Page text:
We already know that the investment focus around Alexa is shifting. We have discussed that in Voice Insider and on the podcast. This does not mean Alexa is no longer important to Amazon. It just means it is not as big of a focus as during the past few years. It is also a reflection of our times. Amazon’s core focus in 2020 by necessity was keeping its fulfillment centers operating as efficiently as possible. The core business is commerce. Alexa doesn’t help that mission much at the moment. But, maybe it will change given the note immediately below. Regardless, Alexa has had more than its share of focus by Amazon and that has helped the voice assistant become a cultural icon used by tens of millions of consumers every month. We have entered another era of the voice revolution. Long live the revolution.

SYPDK - Amazon Shopping Voice Commerce Integration Comes to Select Alexa Skills

Voicebot has learned that Amazon will start rolling out voice commerce integrations with third-party skills next week. Our understanding is that there are 10 partners in this beta program. There will be U.S.-based skill developers as you might expect given that all programs tend to begin in the states before introduction elsewhere. However, there will be at least some skills participating that are focused on markets outside the U.S.

The skills will be able to suggest items for purchase and if the user says yes, Alexa will take them through an Amazon shopping check-out process. During this process, the third-party skill sessions will remain active. When the purchase is complete, Alexa will return the user to the third-party skill where they started so they can pick up where they left off. Alexa will also pass data to the skill about the purchase which can then be used as context for the skill experience.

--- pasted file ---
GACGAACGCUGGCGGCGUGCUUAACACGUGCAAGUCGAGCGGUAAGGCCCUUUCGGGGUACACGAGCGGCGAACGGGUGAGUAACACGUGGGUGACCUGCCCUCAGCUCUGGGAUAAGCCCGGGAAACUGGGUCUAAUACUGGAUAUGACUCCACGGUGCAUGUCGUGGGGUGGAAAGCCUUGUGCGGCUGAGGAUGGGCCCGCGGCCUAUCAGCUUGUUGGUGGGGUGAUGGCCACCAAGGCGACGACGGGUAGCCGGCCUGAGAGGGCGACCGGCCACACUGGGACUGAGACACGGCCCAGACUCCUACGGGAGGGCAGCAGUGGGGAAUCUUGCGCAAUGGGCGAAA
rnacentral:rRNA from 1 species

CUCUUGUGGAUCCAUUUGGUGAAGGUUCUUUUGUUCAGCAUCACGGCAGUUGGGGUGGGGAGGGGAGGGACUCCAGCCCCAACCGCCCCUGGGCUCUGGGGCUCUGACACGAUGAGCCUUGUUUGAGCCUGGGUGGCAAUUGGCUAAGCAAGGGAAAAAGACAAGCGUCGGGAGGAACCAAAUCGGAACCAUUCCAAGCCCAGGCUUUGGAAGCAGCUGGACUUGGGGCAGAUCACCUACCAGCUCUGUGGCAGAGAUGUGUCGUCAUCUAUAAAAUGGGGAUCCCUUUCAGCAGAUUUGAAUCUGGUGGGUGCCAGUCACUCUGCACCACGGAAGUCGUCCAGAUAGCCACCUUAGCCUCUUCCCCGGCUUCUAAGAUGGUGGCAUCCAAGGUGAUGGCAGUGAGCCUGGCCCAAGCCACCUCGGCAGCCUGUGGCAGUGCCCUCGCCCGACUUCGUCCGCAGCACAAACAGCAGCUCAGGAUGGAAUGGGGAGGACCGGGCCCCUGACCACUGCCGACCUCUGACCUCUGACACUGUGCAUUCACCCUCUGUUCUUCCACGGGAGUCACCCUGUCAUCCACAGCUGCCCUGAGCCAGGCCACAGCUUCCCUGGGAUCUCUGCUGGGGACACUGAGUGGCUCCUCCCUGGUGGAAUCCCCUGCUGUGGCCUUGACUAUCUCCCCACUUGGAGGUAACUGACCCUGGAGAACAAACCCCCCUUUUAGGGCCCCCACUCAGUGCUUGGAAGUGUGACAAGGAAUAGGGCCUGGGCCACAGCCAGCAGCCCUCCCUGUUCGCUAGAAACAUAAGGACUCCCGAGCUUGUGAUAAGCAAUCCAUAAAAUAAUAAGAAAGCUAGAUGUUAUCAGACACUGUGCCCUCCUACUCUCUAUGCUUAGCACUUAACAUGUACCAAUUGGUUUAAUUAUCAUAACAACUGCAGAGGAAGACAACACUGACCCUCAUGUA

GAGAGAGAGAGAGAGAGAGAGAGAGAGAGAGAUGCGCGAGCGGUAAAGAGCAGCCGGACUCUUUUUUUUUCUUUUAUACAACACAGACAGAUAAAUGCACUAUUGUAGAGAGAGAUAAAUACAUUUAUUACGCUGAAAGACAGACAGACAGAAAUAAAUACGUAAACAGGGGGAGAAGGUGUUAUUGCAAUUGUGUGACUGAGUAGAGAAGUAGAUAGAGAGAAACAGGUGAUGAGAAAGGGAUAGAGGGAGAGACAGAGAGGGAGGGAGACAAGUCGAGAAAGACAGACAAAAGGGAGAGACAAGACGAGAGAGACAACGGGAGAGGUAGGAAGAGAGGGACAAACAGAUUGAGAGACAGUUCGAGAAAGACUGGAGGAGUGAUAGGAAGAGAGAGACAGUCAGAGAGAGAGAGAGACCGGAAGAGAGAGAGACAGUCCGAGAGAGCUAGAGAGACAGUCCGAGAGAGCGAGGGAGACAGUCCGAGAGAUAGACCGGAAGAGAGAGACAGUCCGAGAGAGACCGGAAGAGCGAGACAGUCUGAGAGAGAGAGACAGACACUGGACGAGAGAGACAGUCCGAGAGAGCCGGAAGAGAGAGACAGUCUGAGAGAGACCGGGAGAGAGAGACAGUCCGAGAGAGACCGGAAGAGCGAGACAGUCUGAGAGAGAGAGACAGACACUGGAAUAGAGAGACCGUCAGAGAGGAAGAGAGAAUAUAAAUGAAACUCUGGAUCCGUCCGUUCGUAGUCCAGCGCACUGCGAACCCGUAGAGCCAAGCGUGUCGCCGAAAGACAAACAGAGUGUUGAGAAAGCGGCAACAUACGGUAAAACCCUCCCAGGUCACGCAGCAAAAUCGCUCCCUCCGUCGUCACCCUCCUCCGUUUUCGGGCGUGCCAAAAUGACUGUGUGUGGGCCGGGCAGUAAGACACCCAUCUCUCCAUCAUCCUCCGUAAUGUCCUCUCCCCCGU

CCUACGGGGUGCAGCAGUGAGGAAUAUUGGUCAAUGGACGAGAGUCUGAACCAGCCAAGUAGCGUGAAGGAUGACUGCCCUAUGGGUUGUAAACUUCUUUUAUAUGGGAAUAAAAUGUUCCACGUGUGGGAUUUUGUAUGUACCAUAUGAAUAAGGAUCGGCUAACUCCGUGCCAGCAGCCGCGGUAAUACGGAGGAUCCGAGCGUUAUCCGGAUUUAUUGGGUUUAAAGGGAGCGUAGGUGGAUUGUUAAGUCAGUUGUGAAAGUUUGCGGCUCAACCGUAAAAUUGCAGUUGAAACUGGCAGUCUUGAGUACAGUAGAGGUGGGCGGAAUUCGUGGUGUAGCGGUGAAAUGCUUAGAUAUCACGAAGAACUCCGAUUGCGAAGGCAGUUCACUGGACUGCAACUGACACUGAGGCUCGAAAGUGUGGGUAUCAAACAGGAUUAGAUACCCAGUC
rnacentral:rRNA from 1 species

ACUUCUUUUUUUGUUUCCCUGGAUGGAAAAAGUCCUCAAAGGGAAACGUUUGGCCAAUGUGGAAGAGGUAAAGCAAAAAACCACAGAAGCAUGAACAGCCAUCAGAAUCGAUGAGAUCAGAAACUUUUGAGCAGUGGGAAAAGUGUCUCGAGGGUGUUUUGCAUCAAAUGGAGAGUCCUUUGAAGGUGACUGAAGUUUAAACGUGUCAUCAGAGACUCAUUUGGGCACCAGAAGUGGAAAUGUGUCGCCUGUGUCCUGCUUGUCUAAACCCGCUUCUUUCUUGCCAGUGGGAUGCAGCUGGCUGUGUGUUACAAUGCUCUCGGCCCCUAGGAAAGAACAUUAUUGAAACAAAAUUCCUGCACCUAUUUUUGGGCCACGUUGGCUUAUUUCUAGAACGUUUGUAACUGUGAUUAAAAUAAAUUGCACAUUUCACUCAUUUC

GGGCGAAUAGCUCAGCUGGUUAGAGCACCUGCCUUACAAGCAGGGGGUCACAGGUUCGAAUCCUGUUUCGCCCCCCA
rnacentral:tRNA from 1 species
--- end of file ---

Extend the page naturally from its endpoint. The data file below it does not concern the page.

This type of user experience and skill publisher option is long overdue. There will certainly be a learning period associated with these new voice commerce features but it is critical that voice apps have these types of capabilities so they are on a more level playing field with mobile apps and present meaningful monetization opportunities for skill developers.

As you know, Alexa skills offer limited voice commerce features to skill publishers today. This program ties Amazon product fulfillment into the process for items that are not sold today by the skill publisher. Presumably the skill publisher that refers a sale will receive a commission or affiliate fee. It is important that Amazon will enable the skill session to remain open during the shopping experience, will bring the user back to the skill, and will pass data about the purchase transaction to the developer. This is the type of closed loop process that is most likely to deliver the best consumer experience and also provide the skill publisher with the data they need to optimize their promotion tactics.

Let me know if you have additional details about this program. I’d be interested to learn more. [email protected] or @bretkinsella on Twitter and Telegram. At Voicebot, we do not betray our sources and have withheld big stories that risked compromising sources.